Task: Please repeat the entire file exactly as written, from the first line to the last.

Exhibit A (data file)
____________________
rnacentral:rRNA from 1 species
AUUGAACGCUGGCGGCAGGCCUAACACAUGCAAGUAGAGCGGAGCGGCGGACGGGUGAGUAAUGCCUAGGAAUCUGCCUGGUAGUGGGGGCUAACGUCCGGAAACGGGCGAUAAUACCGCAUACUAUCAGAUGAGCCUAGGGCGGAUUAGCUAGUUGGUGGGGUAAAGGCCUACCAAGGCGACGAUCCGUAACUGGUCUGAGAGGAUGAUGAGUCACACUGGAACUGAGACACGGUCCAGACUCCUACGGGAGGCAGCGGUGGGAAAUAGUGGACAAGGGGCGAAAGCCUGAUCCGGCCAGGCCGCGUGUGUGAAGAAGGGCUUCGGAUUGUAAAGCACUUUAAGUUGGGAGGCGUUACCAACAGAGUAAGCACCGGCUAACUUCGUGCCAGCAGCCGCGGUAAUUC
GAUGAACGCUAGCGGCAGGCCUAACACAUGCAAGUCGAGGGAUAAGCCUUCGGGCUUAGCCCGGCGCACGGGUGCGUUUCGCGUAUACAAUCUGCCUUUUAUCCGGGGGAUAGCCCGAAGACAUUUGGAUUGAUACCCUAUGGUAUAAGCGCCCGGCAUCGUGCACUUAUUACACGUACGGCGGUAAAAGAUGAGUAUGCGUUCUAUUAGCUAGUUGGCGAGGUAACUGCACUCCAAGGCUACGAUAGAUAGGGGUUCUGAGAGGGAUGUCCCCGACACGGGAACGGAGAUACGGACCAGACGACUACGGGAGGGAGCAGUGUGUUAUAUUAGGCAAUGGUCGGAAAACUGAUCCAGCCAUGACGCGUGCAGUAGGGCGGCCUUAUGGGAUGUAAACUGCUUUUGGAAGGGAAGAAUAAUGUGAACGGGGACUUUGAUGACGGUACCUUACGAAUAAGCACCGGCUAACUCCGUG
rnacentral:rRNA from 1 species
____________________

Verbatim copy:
rnacentral:rRNA from 1 species
AUUGAACGCUGGCGGCAGGCCUAACACAUGCAAGUAGAGCGGAGCGGCGGACGGGUGAGUAAUGCCUAGGAAUCUGCCUGGUAGUGGGGGCUAACGUCCGGAAACGGGCGAUAAUACCGCAUACUAUCAGAUGAGCCUAGGGCGGAUUAGCUAGUUGGUGGGGUAAAGGCCUACCAAGGCGACGAUCCGUAACUGGUCUGAGAGGAUGAUGAGUCACACUGGAACUGAGACACGGUCCAGACUCCUACGGGAGGCAGCGGUGGGAAAUAGUGGACAAGGGGCGAAAGCCUGAUCCGGCCAGGCCGCGUGUGUGAAGAAGGGCUUCGGAUUGUAAAGCACUUUAAGUUGGGAGGCGUUACCAACAGAGUAAGCACCGGCUAACUUCGUGCCAGCAGCCGCGGUAAUUC
GAUGAACGCUAGCGGCAGGCCUAACACAUGCAAGUCGAGGGAUAAGCCUUCGGGCUUAGCCCGGCGCACGGGUGCGUUUCGCGUAUACAAUCUGCCUUUUAUCCGGGGGAUAGCCCGAAGACAUUUGGAUUGAUACCCUAUGGUAUAAGCGCCCGGCAUCGUGCACUUAUUACACGUACGGCGGUAAAAGAUGAGUAUGCGUUCUAUUAGCUAGUUGGCGAGGUAACUGCACUCCAAGGCUACGAUAGAUAGGGGUUCUGAGAGGGAUGUCCCCGACACGGGAACGGAGAUACGGACCAGACGACUACGGGAGGGAGCAGUGUGUUAUAUUAGGCAAUGGUCGGAAAACUGAUCCAGCCAUGACGCGUGCAGUAGGGCGGCCUUAUGGGAUGUAAACUGCUUUUGGAAGGGAAGAAUAAUGUGAACGGGGACUUUGAUGACGGUACCUUACGAAUAAGCACCGGCUAACUCCGUG
rnacentral:rRNA from 1 species